Lin-sanity still reigns and it may well now have reached its penultimate level. What evidence do I have of this cultural phenomenon? It is that both US President Barack Obama AND Sarah Palin are now on the Lin-sanity bandwagon. Palin, who played basketball in high school, is pictured at the left with the highly coveted Lin gear outside her Manhattan hotel. Not to be outdone, last week on the B.S. Report, a weekly podcast hosted by the Sports Guy Bill Simmons, held at the White House, President Barrack Obama talked about Lin-sanity and his fellow Harvard alum Jeremy Lin.

The President made an interesting comment, which I thought spoke to an ongoing issue in the compliance world. His observation was that Lin’s in-game success did not happen overnight, so question for you where were all of the ubiquitous NBA coaches all through his practices during the 15 months he has been in the NBA? The President thought that some coach, should have seen something, which indicated Lin had some talent. While we can ponder the wisdom of the 30+ coaches, between the Warriors and Rockets, who all blew that one, one of the things that the President’s comment brought up for me is the role of training in any best practices compliance program. Why you might ask? The answer is because one of focuses within an organization is to not only develop talent, but to evaluate talent in everyday work situations; similar to evaluating a basketball player in practice. So the Lin-sanity Lesson III is that one of the areas of training is to teach business unit employees to coach and evaluate compliance talent in an organization.

This is an area that Human Resources (HR) can be of great assistance to the Compliance Department. Compliance can take the lead in training on the substance of compliance. However, HR can assist in training managers to evaluate and audit employees on whether they conduct themselves within a culture of compliance and ethics. This is the traditional role of HR. While there is a training requirement for any minimum best practices compliance program, based upon the requirements in the US Sentencing Guidelines, I would submit that there is an opportunity to bring additional and more focused HR based training to bear which would enable a company to develop leaders who are thoroughly grounded in compliance and ethics.

Under the US Sentencing Guidelines, companies are mandated to “take reasonable steps to communicate periodically and in a practical manner its standards and procedures, and other aspects of the compliance and ethics program, to the individuals referred to in subdivision (B) by conducting effective training programs and otherwise disseminating information appropriate to such individuals’ respective roles and responsibilities.” This requirement would also suggest that training results should also be evaluated and once again HR can fill this role. As part of this evaluation, a candidate for promotion can be assessed in not only their interest in the area but their retention of the materials going forward. Lastly, HR can evaluate how a candidate for promotion incorporates compliance and ethics not only into his or her work but how the candidate might help to foster a culture of compliance in the company.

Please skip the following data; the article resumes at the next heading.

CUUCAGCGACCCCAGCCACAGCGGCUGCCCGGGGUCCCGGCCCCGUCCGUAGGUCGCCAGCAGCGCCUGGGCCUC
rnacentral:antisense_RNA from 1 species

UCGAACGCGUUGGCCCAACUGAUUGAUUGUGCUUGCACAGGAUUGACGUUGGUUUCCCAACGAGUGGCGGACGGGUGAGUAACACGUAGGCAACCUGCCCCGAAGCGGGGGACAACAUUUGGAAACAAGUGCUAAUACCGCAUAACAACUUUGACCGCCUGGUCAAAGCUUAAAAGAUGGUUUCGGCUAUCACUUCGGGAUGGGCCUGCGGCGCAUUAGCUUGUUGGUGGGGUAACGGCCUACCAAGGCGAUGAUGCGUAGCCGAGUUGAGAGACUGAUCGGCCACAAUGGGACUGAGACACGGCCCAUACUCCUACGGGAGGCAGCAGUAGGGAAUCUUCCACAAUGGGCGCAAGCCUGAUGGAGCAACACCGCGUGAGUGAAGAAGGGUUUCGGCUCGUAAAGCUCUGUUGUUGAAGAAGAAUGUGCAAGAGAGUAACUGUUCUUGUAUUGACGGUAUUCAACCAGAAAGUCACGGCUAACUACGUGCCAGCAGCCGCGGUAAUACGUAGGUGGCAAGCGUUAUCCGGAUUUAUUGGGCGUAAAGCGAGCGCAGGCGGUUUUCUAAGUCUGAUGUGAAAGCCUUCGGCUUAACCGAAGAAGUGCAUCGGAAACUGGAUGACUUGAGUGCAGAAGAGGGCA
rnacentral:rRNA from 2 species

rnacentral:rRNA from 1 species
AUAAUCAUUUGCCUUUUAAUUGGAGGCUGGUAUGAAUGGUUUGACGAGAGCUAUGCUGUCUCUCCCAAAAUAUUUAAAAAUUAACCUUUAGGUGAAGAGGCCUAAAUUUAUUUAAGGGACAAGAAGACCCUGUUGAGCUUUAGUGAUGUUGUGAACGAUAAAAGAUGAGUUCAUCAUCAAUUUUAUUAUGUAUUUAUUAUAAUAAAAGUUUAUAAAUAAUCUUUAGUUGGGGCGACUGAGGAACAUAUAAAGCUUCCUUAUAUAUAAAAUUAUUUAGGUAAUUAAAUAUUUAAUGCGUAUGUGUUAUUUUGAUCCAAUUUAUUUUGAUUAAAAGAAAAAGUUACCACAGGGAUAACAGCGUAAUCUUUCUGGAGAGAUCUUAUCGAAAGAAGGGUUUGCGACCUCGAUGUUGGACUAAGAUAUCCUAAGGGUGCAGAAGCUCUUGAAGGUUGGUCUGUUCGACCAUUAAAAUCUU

President Obama’s remark about Jeremy Lin and what he may have shown in practice brought up the day-to-day work that any NBA player must go through which is watched by numerous NBA coaches. This concept is the same in a business organization. The day-to-day practices equate to how employees comport themselves whilst doing the routine and daily business of their companies. It’s a good bet that if an employee acts in an ethical manner in his or her routine dealings, they will do so in a situation which requires conducting business through a culture of compliance. HR is a part of the corporate organization that can evaluate these day-to-day scenarios. HR can also train business unit employees to evaluate personnel on compliance and ethics issues. You should not miss this opportunity to watch and evaluate your employees!

This publication contains general information only and is based on the experiences and research of the author. The author is not, by means of this publication, rendering business, legal advice, or other professional advice or services. This publication is not a substitute for such legal advice or services, nor should it be used as a basis for any decision or action that may affect your business. Before making any decision or taking any action that may affect your business, you should consult a qualified legal advisor. The author, his affiliates, and related entities shall not be responsible for any loss sustained by any person or entity that relies on this publication. The Author gives his permission to link, post, distribute, or reference this article for any lawful purpose, provided attribution is made to the author. The author can be reached at tfox@tfoxlaw.com.

© Thomas R. Fox, 2012

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